Overall, Lowe’s second-quarter adjusted earnings per share of $3.75 were better than the $2.90 expected, and revenue of $27.3 billion topped estimates for $24.15 billion.
7:30 a.m. ET: Stock futures point to a mostly higher open after strong set of earnings
Here were the main moves in markets, as of 7:30 a.m. ET:
S&P 500 futures (ES=F): 3,391.5.00, up 4.5 points or 0.13%
Dow futures (YM=F): 27,766.00, up 49 points, or 0.18%
Nasdaq futures (NQ=F): 11,409.00, flat
Crude (CL=F): -$0.33 (-0.77%) to $42.56 a barrel
Gold (GC=F): -18.70 (-0.93%) to $1,994.40 per ounce
10-year Treasury (^TNX): -2 bps to yield 0.649%
7:25 a.m. ET: Target reports record comp sales growth as digital sales surge
Target (TGT) posted second-quarter results that shocked to the upside, as the company saw “unusually strong market-share gains” across all of its core categories, as consumers flocked to the big-box retailer online especially during the pandemic.
Target’s comparable same-store sales rose by a record 24.3%, or nearly three times the 8.6% growth rate expected. Digital sales were a strong point, climbing 195% to comprise 13.4 percentage points of the headline comp sales growth.
Every major category grew sales in the second quarter, including apparel, which swung from a 20% sales decline in the first quarter to double digit growth in the second. Home goods sales grew 30%, electronics jumped 70%, beauty rose 20%, food/beverage increased 20% and essentials sales climbed 20%.
7:00 a.m. ET Wednesday: Mortgage applications fell last week as refinances softened, but purchases continued to climb
An index tracking mortgage applications for home purchases and refinances fell last week, unwinding some recent gains as housing market activity picked up across the country.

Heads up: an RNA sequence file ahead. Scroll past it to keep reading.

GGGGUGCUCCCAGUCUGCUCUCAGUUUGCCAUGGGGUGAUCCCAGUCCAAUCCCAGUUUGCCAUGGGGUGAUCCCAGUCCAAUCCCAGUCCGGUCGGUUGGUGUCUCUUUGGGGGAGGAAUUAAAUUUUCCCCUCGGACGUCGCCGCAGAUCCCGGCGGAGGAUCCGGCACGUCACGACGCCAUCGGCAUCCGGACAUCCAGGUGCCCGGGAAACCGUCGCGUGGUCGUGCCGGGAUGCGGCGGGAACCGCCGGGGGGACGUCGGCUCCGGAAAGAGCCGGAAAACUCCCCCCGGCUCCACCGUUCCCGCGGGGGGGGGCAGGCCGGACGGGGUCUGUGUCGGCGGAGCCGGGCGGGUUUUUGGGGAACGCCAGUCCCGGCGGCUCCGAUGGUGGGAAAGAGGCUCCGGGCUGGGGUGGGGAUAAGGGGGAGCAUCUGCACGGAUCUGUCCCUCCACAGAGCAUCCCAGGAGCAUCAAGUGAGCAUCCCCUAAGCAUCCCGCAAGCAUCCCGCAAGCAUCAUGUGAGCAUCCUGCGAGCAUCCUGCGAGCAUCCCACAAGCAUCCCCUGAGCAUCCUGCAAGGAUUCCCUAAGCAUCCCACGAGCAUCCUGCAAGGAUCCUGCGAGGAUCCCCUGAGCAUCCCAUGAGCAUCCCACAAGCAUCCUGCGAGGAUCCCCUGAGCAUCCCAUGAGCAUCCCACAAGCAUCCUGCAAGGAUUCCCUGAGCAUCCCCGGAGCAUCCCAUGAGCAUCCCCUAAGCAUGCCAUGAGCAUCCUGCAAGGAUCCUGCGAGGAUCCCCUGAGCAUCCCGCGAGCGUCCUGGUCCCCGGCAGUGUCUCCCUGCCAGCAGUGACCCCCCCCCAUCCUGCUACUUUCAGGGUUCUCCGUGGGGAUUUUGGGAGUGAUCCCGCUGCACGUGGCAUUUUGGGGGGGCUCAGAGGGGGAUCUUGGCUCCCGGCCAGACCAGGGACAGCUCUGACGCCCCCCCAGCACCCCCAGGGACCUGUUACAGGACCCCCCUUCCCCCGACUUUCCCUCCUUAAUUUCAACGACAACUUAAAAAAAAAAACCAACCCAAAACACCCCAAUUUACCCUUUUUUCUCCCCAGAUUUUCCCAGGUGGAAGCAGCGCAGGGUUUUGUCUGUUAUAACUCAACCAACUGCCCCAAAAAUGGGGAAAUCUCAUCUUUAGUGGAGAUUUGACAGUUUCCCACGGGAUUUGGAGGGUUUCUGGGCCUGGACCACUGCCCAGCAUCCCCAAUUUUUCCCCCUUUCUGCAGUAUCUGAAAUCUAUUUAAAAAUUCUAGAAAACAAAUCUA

The Mortgage Bankers’ Association Market Composite Index, which tracks mortgage loan application volume, fell 3.3% on a seasonally adjusted basis for the week ended August 14, following a 6.8% climb during the previous week. The drawdown was driven by a 5% decline in refinances week-over-week, although the level of refinances remained 38% higher than the same week a year ago. Applications for purchases rose 1% week over week.
“Positive economic data reported last week on retail sales, as well as a large US Treasury auction, drove mortgage rates to their highest level in two weeks. The rise in rates dampened refinance activity, but purchase applications continued their strong run and were 27% higher than a year ago – the third straight month of year-over-year increases,” Joel Kan, MBA’s associate vice president of economic and industry forecasting, said in a statement.
“The housing market remains a bright spot in the current economic recovery and these results, combined with July data on housing starts and homebuilder optimism, suggest that housing supply could be increasing to better meet the strong demand for buying a home,” Kan added.
6:07 p.m. ET Tuesday: Stock futures open flat after record closes
Here were the main moves in equity markets, as of 6:07 p.m. ET:
S&P 500 futures (ES=F): 3,387.00, flat
Dow futures (YM=F): 27,719.00, up 2 points, or 0.01%
Nasdaq futures (NQ=F): 11,406.75, down 2.5 points, or 0.02%